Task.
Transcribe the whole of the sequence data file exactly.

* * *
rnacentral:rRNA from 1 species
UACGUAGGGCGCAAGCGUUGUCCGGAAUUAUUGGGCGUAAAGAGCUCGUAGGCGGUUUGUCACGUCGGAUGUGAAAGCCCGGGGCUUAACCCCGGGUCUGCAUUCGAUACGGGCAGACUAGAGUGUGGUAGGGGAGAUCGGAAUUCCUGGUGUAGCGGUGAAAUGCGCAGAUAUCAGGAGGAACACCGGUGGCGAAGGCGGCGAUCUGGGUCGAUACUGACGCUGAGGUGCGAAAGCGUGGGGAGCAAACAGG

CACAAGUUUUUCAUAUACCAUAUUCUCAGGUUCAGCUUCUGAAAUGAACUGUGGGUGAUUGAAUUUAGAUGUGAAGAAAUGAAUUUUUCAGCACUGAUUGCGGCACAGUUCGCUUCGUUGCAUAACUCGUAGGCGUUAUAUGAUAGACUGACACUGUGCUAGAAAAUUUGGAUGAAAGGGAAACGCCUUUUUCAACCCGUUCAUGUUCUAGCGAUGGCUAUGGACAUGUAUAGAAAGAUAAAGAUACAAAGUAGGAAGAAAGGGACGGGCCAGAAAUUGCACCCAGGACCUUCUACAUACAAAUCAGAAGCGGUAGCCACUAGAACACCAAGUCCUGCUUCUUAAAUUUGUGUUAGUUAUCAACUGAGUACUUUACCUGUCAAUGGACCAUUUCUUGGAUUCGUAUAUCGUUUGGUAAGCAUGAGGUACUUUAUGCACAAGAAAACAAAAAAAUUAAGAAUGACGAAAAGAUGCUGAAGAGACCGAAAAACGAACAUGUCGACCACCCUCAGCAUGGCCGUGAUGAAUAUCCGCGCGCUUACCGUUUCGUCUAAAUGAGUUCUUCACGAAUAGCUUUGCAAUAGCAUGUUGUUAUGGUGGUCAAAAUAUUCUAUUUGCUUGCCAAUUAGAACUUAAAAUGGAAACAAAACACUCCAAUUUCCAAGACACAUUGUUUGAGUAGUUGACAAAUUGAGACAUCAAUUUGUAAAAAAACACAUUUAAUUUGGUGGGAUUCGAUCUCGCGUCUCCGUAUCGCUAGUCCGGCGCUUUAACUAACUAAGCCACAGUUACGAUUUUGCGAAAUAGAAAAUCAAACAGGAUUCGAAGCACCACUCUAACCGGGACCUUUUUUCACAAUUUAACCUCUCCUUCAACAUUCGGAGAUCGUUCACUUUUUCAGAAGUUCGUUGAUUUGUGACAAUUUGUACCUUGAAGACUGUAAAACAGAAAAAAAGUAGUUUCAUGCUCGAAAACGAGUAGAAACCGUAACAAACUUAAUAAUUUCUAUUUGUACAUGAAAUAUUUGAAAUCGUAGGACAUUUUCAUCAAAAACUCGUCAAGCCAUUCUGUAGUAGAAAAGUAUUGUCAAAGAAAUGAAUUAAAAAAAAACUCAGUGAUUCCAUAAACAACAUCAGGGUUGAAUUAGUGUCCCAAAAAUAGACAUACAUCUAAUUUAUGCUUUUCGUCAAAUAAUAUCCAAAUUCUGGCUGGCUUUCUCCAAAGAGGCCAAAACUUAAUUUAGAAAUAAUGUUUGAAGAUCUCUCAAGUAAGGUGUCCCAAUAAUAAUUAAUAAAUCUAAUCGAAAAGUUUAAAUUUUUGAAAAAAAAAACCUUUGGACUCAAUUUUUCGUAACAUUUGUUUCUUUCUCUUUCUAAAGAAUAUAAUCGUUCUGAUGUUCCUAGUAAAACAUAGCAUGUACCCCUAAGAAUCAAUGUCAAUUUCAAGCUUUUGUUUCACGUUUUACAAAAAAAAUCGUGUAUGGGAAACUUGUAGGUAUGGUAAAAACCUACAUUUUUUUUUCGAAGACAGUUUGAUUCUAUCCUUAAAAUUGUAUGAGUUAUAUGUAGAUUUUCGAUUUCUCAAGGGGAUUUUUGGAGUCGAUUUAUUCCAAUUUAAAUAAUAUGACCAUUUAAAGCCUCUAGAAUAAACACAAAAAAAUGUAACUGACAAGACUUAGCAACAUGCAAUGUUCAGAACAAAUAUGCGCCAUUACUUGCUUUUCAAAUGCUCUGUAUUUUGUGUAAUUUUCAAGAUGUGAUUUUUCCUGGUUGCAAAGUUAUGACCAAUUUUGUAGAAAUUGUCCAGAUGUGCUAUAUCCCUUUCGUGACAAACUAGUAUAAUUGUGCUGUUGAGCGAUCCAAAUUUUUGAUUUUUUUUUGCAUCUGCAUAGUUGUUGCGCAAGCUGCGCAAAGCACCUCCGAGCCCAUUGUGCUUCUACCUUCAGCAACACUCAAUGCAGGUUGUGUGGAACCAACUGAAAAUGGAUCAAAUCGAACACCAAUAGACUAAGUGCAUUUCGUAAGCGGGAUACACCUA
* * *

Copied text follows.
rnacentral:rRNA from 1 species
UACGUAGGGCGCAAGCGUUGUCCGGAAUUAUUGGGCGUAAAGAGCUCGUAGGCGGUUUGUCACGUCGGAUGUGAAAGCCCGGGGCUUAACCCCGGGUCUGCAUUCGAUACGGGCAGACUAGAGUGUGGUAGGGGAGAUCGGAAUUCCUGGUGUAGCGGUGAAAUGCGCAGAUAUCAGGAGGAACACCGGUGGCGAAGGCGGCGAUCUGGGUCGAUACUGACGCUGAGGUGCGAAAGCGUGGGGAGCAAACAGG

CACAAGUUUUUCAUAUACCAUAUUCUCAGGUUCAGCUUCUGAAAUGAACUGUGGGUGAUUGAAUUUAGAUGUGAAGAAAUGAAUUUUUCAGCACUGAUUGCGGCACAGUUCGCUUCGUUGCAUAACUCGUAGGCGUUAUAUGAUAGACUGACACUGUGCUAGAAAAUUUGGAUGAAAGGGAAACGCCUUUUUCAACCCGUUCAUGUUCUAGCGAUGGCUAUGGACAUGUAUAGAAAGAUAAAGAUACAAAGUAGGAAGAAAGGGACGGGCCAGAAAUUGCACCCAGGACCUUCUACAUACAAAUCAGAAGCGGUAGCCACUAGAACACCAAGUCCUGCUUCUUAAAUUUGUGUUAGUUAUCAACUGAGUACUUUACCUGUCAAUGGACCAUUUCUUGGAUUCGUAUAUCGUUUGGUAAGCAUGAGGUACUUUAUGCACAAGAAAACAAAAAAAUUAAGAAUGACGAAAAGAUGCUGAAGAGACCGAAAAACGAACAUGUCGACCACCCUCAGCAUGGCCGUGAUGAAUAUCCGCGCGCUUACCGUUUCGUCUAAAUGAGUUCUUCACGAAUAGCUUUGCAAUAGCAUGUUGUUAUGGUGGUCAAAAUAUUCUAUUUGCUUGCCAAUUAGAACUUAAAAUGGAAACAAAACACUCCAAUUUCCAAGACACAUUGUUUGAGUAGUUGACAAAUUGAGACAUCAAUUUGUAAAAAAACACAUUUAAUUUGGUGGGAUUCGAUCUCGCGUCUCCGUAUCGCUAGUCCGGCGCUUUAACUAACUAAGCCACAGUUACGAUUUUGCGAAAUAGAAAAUCAAACAGGAUUCGAAGCACCACUCUAACCGGGACCUUUUUUCACAAUUUAACCUCUCCUUCAACAUUCGGAGAUCGUUCACUUUUUCAGAAGUUCGUUGAUUUGUGACAAUUUGUACCUUGAAGACUGUAAAACAGAAAAAAAGUAGUUUCAUGCUCGAAAACGAGUAGAAACCGUAACAAACUUAAUAAUUUCUAUUUGUACAUGAAAUAUUUGAAAUCGUAGGACAUUUUCAUCAAAAACUCGUCAAGCCAUUCUGUAGUAGAAAAGUAUUGUCAAAGAAAUGAAUUAAAAAAAAACUCAGUGAUUCCAUAAACAACAUCAGGGUUGAAUUAGUGUCCCAAAAAUAGACAUACAUCUAAUUUAUGCUUUUCGUCAAAUAAUAUCCAAAUUCUGGCUGGCUUUCUCCAAAGAGGCCAAAACUUAAUUUAGAAAUAAUGUUUGAAGAUCUCUCAAGUAAGGUGUCCCAAUAAUAAUUAAUAAAUCUAAUCGAAAAGUUUAAAUUUUUGAAAAAAAAAACCUUUGGACUCAAUUUUUCGUAACAUUUGUUUCUUUCUCUUUCUAAAGAAUAUAAUCGUUCUGAUGUUCCUAGUAAAACAUAGCAUGUACCCCUAAGAAUCAAUGUCAAUUUCAAGCUUUUGUUUCACGUUUUACAAAAAAAAUCGUGUAUGGGAAACUUGUAGGUAUGGUAAAAACCUACAUUUUUUUUUCGAAGACAGUUUGAUUCUAUCCUUAAAAUUGUAUGAGUUAUAUGUAGAUUUUCGAUUUCUCAAGGGGAUUUUUGGAGUCGAUUUAUUCCAAUUUAAAUAAUAUGACCAUUUAAAGCCUCUAGAAUAAACACAAAAAAAUGUAACUGACAAGACUUAGCAACAUGCAAUGUUCAGAACAAAUAUGCGCCAUUACUUGCUUUUCAAAUGCUCUGUAUUUUGUGUAAUUUUCAAGAUGUGAUUUUUCCUGGUUGCAAAGUUAUGACCAAUUUUGUAGAAAUUGUCCAGAUGUGCUAUAUCCCUUUCGUGACAAACUAGUAUAAUUGUGCUGUUGAGCGAUCCAAAUUUUUGAUUUUUUUUUGCAUCUGCAUAGUUGUUGCGCAAGCUGCGCAAAGCACCUCCGAGCCCAUUGUGCUUCUACCUUCAGCAACACUCAAUGCAGGUUGUGUGGAACCAACUGAAAAUGGAUCAAAUCGAACACCAAUAGACUAAGUGCAUUUCGUAAGCGGGAUACACCUA